Fifth Military district created by the First Reconstruction Act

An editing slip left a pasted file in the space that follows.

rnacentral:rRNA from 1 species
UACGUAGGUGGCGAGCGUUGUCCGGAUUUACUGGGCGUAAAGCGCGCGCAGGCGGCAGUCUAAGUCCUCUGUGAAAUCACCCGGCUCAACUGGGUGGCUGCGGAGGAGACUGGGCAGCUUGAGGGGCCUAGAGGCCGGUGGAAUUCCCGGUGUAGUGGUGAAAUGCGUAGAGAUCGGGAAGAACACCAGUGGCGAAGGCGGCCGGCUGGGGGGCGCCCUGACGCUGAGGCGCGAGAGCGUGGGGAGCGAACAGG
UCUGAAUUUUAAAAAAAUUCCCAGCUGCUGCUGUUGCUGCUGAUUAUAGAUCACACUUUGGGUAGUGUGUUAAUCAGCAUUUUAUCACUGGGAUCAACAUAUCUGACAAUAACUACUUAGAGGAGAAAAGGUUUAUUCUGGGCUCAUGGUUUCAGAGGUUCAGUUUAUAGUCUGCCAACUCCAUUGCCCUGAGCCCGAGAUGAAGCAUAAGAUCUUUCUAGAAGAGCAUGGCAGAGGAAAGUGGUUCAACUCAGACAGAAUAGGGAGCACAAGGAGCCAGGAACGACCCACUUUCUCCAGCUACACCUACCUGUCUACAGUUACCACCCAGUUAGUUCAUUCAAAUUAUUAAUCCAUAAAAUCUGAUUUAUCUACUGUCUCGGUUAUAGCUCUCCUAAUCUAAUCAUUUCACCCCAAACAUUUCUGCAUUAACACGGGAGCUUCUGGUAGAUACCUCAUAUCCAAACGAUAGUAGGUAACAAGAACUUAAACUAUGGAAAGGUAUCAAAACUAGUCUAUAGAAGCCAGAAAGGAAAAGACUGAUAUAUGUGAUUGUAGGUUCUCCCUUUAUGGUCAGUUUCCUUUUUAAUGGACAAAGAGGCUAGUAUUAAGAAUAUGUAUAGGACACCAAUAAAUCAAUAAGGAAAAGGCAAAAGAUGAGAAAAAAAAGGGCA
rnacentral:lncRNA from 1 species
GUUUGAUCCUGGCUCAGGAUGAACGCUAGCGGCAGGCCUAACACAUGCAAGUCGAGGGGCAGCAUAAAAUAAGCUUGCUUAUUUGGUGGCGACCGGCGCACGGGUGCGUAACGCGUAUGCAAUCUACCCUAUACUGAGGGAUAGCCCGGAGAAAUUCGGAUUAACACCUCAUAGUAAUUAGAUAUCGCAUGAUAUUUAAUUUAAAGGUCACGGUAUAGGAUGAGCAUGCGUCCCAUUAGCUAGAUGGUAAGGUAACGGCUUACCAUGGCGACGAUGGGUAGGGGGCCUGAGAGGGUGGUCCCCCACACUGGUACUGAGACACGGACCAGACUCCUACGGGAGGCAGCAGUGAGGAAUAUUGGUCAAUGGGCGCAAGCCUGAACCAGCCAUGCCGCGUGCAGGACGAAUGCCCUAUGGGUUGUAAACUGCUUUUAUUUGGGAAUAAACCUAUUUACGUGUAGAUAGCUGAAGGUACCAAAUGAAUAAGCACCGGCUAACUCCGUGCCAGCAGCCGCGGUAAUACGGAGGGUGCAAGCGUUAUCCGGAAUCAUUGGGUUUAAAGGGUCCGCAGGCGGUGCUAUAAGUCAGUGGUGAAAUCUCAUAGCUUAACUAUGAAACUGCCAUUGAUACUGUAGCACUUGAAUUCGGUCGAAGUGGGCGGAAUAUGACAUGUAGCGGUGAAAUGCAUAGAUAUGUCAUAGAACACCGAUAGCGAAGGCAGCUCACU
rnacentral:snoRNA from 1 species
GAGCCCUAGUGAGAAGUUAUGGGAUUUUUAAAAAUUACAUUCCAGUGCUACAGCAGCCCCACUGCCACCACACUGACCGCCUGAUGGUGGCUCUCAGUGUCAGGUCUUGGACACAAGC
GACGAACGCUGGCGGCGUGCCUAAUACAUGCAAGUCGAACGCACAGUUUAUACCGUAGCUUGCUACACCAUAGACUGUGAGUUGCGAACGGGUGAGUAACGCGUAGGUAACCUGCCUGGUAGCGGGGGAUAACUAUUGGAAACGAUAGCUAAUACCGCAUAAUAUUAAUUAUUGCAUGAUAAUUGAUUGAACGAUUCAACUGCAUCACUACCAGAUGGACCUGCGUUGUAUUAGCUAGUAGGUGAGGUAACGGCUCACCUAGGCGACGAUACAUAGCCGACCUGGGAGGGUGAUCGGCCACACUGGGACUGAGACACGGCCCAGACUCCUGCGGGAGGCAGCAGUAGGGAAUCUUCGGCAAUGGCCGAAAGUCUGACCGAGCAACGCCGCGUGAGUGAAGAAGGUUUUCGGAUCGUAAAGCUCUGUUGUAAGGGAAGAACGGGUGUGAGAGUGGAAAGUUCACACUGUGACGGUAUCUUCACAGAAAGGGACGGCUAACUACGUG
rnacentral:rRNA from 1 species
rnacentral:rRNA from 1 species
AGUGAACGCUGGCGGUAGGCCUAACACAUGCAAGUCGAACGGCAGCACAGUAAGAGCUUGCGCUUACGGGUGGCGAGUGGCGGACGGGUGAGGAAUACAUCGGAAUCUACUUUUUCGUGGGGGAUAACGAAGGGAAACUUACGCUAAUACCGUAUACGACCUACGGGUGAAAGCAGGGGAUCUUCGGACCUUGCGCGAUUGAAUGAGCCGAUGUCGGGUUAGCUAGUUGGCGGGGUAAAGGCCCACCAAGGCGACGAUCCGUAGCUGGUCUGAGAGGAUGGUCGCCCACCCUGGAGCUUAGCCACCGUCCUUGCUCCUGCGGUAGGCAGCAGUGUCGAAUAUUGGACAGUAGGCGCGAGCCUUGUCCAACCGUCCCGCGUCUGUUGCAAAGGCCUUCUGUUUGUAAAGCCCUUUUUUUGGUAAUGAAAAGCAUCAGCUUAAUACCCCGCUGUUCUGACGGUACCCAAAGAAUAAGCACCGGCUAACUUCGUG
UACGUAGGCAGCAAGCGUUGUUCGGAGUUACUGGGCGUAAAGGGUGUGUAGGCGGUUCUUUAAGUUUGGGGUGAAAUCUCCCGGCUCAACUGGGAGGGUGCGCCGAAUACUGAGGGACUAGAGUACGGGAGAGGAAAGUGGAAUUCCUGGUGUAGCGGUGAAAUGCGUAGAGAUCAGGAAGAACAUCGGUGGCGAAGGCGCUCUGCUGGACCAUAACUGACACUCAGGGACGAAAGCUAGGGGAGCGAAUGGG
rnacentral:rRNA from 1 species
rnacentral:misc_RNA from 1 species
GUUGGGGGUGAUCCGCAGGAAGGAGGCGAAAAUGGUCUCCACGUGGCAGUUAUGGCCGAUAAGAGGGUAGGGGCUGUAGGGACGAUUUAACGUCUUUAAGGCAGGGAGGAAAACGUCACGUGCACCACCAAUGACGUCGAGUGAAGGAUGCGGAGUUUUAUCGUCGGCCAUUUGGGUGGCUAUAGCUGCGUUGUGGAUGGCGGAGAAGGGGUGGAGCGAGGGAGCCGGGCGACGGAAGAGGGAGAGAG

On this day in 1867, the United States Congress passed the First Reconstruction Act, thereby dividing the defeated South into five military districts, of which Louisiana and Texas, under Gen. Philip Henry Sheridan at New Orleans, constituted the Fifth Military District. Under the leadership of Sheridan, Charles Griffin, Winfield Scott Hancock, Joseph Mower, Joseph Reynolds, and Edward Canby, the military district presided over Congressional Reconstruction in Texas. The constant turnover in commanders and the relatively small number of troops in the state made the army more annoying than effective. Military officials intervened intermittently in political matters by controlling voter registration and by removing office holders who impeded Reconstruction efforts. With the notable exception of Hancock, most commanders favored the Republican party. In April 1870 Texas was readmitted to the Union and the Fifth Military District ceased to exist.